“When it is inherent in the workforce that you join, that you have to succumb to a degree of sexual harassment in order to keep your job, when that happens, the only thing you can say is, number one, I hope the victims come out and tell all sorts of stories, everything, tell the truth about what goes on. And that the repercussions land exactly as they should,” he said.
Asked by Axelrod if he was surprised by some of the revelations in recent weeks, Hanks said that he had “absolutely” been shocked by the “overtness” of many of the stories that have emerged. But as for the alleged perpetrators, one name in particular hadn’t surprised him at all, he said.
“Am I surprised by some of the personalities involved? Not Harvey,” he said, referring to movie titan Harvey Weinstein, who currently stands accused of sexual harassment or assault by more than 40 women.
“He had a way of doing business … that would not make you surprised to have him be one of those kind of guys that does that in the workplace,” Hanks told Axelrod.
Hanks had no sympathy for any other men who had stepped over the line. But he did have a clear message for them.
“There’s a time and place for decorum and ethics — and you blew it,” he said.
Posted: 01 Dec 2017 03:35 PM PST
METAIRIE, La. -- A sergeant with the Jefferson Parish Sheriff's Office didn't think twice this week before jumping into a canal near Grace King High School to rescue a 79-year-old woman whose vehicle had plunged into the water.
Sgt. Billy Matranga was honored today with the Distinguished Service Award for saving the woman after a hit-and-run crash sent her into the canal.
Matranga was on duty at Grace King High School Wednesday afternoon when he heard a loud noise, followed by a large splash from the drainage canal nearby.
He saw a vehicle partially submerged in the water with the driver, a 79-year-old woman, trapped inside.
Sergeant Matranga ran to the driver's aid, entering into the canal still in full gear. He climbed onto the vehicle and smashed through the windshield, but the vehicle started listing to one side. Fearing the vehicle would flip, he went to the other side and was able to enter the vehicle through a broken window on the passenger side.
He made contact with the victim of the crash, a 79-year-old female, and quickly checked her for injuries. She was conscious but stunned, and he decided to get her out of the vehicle before the conditions worsened.
He was able to pull her to safety through the passenger side of the vehicle and pass her to others who stopped to help.
"Sergeant Matranga's actions were in keeping with the highest standards of professionalism and concern for the citizens of Jefferson Parish. His response likely prevented the victim from any further harm, and was done without thought for his own safety," Jefferson Parish Sheriff Joe Lopinto said.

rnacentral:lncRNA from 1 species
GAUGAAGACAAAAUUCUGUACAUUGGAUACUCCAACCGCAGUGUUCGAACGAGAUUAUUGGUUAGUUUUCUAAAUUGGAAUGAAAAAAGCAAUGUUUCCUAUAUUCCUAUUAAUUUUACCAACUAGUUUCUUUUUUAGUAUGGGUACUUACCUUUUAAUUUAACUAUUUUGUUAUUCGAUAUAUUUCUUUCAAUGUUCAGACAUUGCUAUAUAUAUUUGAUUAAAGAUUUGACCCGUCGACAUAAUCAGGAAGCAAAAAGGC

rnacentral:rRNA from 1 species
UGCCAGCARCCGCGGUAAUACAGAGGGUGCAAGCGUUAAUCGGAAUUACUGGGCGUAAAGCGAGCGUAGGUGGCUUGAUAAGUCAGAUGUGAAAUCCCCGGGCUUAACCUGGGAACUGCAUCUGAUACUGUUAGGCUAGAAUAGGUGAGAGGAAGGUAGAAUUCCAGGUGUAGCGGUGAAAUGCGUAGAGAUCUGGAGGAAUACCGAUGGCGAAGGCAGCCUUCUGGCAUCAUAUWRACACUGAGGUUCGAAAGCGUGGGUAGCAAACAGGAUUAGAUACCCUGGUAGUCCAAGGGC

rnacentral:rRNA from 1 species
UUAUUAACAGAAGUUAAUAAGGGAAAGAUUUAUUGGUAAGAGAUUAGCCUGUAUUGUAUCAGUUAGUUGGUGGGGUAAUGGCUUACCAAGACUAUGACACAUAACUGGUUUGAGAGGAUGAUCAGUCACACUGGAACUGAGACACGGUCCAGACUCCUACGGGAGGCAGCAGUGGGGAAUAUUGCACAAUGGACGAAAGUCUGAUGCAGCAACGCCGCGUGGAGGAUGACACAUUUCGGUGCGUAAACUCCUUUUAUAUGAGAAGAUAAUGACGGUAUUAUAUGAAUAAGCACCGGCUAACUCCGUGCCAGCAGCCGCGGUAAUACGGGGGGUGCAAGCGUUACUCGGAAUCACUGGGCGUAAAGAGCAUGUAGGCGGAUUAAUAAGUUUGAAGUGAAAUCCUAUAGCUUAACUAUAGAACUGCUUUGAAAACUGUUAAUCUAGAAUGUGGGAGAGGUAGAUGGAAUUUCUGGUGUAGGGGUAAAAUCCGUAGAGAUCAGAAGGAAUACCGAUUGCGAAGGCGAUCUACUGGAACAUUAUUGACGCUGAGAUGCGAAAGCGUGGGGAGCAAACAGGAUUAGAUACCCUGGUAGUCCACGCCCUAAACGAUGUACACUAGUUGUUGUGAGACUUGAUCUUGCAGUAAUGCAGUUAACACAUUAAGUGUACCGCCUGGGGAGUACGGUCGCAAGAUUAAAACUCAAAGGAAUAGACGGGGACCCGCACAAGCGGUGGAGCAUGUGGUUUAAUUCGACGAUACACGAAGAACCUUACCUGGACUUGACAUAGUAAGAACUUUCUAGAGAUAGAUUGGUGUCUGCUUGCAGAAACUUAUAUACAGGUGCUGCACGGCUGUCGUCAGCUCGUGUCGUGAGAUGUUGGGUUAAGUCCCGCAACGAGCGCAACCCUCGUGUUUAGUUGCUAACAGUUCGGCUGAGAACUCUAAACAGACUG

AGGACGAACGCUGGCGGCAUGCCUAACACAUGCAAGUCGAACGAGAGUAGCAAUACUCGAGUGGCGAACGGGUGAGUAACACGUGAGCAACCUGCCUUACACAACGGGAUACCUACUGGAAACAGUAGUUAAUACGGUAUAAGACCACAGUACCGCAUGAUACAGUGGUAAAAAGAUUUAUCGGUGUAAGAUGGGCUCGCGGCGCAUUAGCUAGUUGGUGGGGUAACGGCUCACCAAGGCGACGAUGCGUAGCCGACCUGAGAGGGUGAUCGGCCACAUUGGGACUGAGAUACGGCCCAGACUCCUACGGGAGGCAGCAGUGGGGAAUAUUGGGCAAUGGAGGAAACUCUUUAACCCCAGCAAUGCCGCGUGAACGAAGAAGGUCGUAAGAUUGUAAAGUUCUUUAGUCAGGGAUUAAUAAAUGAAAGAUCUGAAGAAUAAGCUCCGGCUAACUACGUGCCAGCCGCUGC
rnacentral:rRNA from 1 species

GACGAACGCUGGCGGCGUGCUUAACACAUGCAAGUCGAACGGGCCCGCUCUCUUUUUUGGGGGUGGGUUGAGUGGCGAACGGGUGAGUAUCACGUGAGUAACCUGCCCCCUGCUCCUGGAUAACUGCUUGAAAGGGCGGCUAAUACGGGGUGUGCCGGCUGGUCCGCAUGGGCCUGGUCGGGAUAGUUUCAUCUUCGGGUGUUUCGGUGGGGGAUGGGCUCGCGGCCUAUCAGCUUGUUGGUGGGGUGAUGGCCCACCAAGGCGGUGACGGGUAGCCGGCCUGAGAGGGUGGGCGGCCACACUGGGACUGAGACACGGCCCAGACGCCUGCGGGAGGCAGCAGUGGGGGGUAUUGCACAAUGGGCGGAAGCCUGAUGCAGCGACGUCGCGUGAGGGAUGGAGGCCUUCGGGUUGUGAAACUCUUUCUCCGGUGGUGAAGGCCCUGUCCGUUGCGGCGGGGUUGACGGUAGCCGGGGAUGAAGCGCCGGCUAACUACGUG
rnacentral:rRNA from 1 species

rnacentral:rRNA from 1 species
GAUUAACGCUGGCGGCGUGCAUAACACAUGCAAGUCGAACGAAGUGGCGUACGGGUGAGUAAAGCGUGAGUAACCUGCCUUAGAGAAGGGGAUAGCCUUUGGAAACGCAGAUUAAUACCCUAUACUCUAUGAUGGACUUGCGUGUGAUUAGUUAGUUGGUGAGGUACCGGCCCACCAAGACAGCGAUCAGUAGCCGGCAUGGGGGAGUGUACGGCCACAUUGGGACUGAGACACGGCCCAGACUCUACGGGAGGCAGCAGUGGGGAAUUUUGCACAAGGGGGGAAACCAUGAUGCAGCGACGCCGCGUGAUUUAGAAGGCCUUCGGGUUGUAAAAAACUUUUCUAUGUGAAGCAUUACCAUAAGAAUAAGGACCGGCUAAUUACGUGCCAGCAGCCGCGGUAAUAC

Posted: 01 Dec 2017 03:31 PM PST
There is “no chance of survival” for the 44 crew members aboard the missing Argentine submarine, a navy official said Friday, one day after his agency called off its rescue operation and shifted focus to recovering the wayward vessel.
“Given … the amount of time that has passed, the extreme and adverse conditions that I have been discussing, we have inferred that there is no chance of survival,” spokesman Enrique Balbi said.
Still, the search for the ARA San Juan, he said, remains an “active one” more than two weeks after it disappeared off Argentina’s coast.
“We are using all means at our disposal, both national and foreign, in the search,” Balbi said. “This will obviously be key in order to conduct our investigation.”
Balbi had been circumspect Thursday about the crew’s fate when he announced the end of the rescue mission, though he noted that the navy had allowed nearly double the amount of time it would have been possible for the crew to stay alive if the submarine remained submerged. Officials earlier had said the submarine had enough air to last seven to 10 days.
His announcement Thursday shocked and angered submariners’ relatives, including some who fainted or needed medical attention upon hearing the news, Susana Alvarez, a friend of one of the missing officers, told state-run news agency Télam.
“We feel that they are still alive,” one woman told CNN affiliate Todo Noticias at that time. “Please do not suspend the rescue.”
Other loved ones said finding the submarine would afford a measure of closure.
“We already have resigned ourselves that they could be dead because of all the time that has gone,” another woman told Todo Noticias. “We have to see that as a possibility.”
Added Alvarez: “We want to see the bodies because we need to grieve.”
The ARA San Juan disappeared November 15 off Argentina’s coast, about midway on its journey from Usuaia in the country’s south and its northern port of Mar del Plata. The search centered on an area roughly 900 kilometers (559 miles) off the Argentine coast.
At the height of the search, 28 ships and nine airplanes from 11 nations — including the United States and United Kingdom — scoured the sea, backed by more than 4,000 people. The search area extended more than 480 square kilometers (185 square miles) and was roughly 900 kilometers (559 miles) from the Argentine coast.
Balbi on Thursday recounted the few clues gleaned so far about the submarine’s fate.